Why Use A Dutch Oven Instead Of A Crockpot?
You can totally make Pot Roast in a crock pot, however, I have found that the meat ends up being a bit too dry and the dish overall lacks flavor. Dutch Ovens tend to distribute and retain heat better than a Crockpot, which leads to more flavorful and tender meat. Another perk is you can sear your meat in the Dutch oven, then move it straight to the oven, making it a one-pot meal.
- Chuck Roast: If you can get yourself a cut of Grass Fed Beef, it is well worth the cost. Grass Fed Beef tastes better, and also is high in Omega 3. We've been getting all of our meats from Moink Box for years now, Moink is owned and operated by farmers and they offer ethical meat boxes delivered to your doorstep.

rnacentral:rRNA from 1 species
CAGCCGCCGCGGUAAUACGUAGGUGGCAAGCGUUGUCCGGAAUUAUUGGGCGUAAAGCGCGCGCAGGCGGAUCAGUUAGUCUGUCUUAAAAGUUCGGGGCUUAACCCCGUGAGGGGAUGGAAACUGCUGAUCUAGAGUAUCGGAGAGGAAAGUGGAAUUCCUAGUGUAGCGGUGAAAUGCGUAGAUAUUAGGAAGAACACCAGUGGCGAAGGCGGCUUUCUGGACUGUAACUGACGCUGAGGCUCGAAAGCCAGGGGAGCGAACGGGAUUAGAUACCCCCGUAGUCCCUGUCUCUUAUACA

- Olive Oil
- Onion: I love using a sweet yellow onions for this dish, but if you have a white onion that will also work.
- Carrots: I recommend using full grown carrots and chopping them down. Baby carrots tend to be washed with bleach before being packaged at the grocery store.
- Potatoes: I love using Yukon Gold Potatoes, or red potatoes.
- Balsamic Vinegar
- Red Wine: I am a big fan of Dry Farm Wines, as they source pure Natural Wines that are free of toxic additives. Also, Dry Farm Wines is the ONLY wine that does not give me a headache! If you are interested in trying their wines, using this link will earn you an extra bottle of wine for only a penny with your first order.
- Beef Broth: My go-to beef broth is Bonafide Provisions, their broth is certified organic and made from Grass Fed and Grass-finished bones. You can also use beef stock if you have that on hand.